Most organizations spend a lot of money to develop their people. They know that people are where ideas come from. People interact with customers. People solve problems. People make things happen. You can’t expect to hire employees who already know everything they need to know to perform at a high level. Smart executives gladly commit funds to upgrade employees’ knowledge, skills and performance. According to the American Society for Training and Development, more than $100 billion is invested in learning and development programs every year in the U.S. alone.
What they don’t tell you is that most of this money is wasted.
Unfortunately, this is not an exaggeration. What is called “the transfer of training problem” in the Human Resource Development (HRD) profession has been known for many years. Because executives have a lot on their plates, this shocking problem hasn’t captured their attention.
If you’re a business owner or top-level manager, chances are that making sure classroom instruction translates to lasting changes in behavior and improved performance isn’t a high priority issue with you, either. So if you’re one of those well-intentioned executives who invests in people, here are some things you need to know.
It boils down to four important facts that you may not be aware of. Without this information you could make erroneous assumptions and have unrealistic expectations about the training programs you’re funding. As a result, about 80% of the participants of these programs won’t change their behavior in the long run. Since changing behavior is the whole point, most of the money you invest in learning and development programs may be going down a hole. When you understand how skill development actually works, you’ll know why you need to support the initiatives needed to “make training stick.”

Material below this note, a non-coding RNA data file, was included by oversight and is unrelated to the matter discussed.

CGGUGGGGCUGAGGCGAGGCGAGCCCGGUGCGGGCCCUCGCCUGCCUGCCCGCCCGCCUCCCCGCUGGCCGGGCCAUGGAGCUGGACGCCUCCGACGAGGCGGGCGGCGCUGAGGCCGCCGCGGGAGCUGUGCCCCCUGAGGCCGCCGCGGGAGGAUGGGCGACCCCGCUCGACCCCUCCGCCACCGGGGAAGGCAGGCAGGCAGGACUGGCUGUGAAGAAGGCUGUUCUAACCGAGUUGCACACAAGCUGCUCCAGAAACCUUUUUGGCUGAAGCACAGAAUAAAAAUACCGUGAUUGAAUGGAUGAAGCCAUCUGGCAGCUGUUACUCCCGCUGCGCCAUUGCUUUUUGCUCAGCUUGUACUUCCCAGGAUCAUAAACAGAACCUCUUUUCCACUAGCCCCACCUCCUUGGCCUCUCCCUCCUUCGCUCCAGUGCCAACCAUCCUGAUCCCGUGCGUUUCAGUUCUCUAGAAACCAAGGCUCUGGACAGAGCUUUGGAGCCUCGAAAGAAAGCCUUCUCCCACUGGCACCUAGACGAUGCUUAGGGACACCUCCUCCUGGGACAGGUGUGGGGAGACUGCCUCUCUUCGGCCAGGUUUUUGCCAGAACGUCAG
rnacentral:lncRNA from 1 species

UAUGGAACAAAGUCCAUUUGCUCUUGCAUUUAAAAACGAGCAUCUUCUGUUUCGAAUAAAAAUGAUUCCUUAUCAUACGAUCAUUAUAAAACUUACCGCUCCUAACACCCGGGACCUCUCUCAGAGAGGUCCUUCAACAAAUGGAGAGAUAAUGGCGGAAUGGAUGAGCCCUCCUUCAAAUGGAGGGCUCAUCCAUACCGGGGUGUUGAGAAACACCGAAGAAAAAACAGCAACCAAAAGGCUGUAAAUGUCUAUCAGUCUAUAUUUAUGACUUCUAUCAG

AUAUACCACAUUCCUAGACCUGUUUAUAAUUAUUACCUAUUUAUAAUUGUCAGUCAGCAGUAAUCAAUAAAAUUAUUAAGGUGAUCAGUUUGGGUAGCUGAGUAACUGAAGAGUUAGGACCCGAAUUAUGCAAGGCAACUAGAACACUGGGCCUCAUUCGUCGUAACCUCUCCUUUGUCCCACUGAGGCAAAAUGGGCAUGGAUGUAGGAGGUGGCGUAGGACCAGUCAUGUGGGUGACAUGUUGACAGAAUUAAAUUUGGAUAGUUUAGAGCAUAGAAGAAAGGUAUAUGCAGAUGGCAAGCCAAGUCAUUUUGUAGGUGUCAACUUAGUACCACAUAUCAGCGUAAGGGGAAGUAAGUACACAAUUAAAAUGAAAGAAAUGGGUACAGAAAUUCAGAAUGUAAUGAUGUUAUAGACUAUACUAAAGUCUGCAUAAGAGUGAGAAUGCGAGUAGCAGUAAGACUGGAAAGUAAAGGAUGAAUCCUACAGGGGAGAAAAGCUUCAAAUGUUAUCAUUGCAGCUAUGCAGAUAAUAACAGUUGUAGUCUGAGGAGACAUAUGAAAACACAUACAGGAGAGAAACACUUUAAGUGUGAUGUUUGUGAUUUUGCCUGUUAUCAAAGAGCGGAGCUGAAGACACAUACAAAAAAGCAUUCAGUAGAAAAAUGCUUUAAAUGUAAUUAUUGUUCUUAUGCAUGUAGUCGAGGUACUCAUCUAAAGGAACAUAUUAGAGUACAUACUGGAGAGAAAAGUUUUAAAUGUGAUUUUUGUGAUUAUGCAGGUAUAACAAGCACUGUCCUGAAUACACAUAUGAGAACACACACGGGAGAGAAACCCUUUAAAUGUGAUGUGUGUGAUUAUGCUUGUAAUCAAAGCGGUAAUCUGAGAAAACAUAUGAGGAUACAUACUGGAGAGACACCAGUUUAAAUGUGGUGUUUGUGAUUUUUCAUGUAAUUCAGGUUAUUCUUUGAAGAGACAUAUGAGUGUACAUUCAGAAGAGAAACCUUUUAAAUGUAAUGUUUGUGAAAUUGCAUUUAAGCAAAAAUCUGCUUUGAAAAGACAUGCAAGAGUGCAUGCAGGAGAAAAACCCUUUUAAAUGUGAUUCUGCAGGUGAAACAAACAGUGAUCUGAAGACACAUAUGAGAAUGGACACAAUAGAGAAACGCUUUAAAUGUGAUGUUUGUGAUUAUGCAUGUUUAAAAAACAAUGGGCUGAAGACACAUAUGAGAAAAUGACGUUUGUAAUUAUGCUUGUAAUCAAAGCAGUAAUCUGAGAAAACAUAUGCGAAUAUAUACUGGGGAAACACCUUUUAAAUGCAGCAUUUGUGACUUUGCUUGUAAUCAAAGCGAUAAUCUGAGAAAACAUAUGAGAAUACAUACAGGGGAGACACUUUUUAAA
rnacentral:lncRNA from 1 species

Here are the four facts…
1. Only a fraction of what you spend on training actually changes behavior.
Without months of follow-through reinforcement, application, feedback, encouragement and accountability, 80% or more of classroom instruction doesn’t “stick” in the workplace. This fact has been documented by training and development research and is supported by brain science research related to learning.
2. People won’t use a skill consistently until it’s ingrained.
Until a new skill has been ingrained, people have to concentrate to do it right. In a busy workplace, conscious awareness is quickly filled to capacity. So until a new skill becomes an unconscious work habit, old habits will prevail most of the time. Repeated failures to apply the new skill are discouraging, and people typically go back to their old, previously ingrained patterns.
3. A skill won’t be ingrained without quite a lot of follow-through repetition.
To ingrain any skill, routine, habit or behavior pattern, a person has to perform the correct action again and again to stimulate the interconnection of brain cells involved in the skill. Only after the new neural network is established will someone consistently perform the skill on the job. Because of the time involved, this repetition can’t happen in the classroom. It has to happen in the workplace.
4. People can’t achieve high levels of performance without people skills and personal strengths.
Ingrained business, management and technical skills aren’t enough. To succeed in life and work, the abilities to build strong relationships and use personal strengths are at the core.
If these four facts are new to you, then you need to put systems in place to make sure your training and development programs have lasting impact.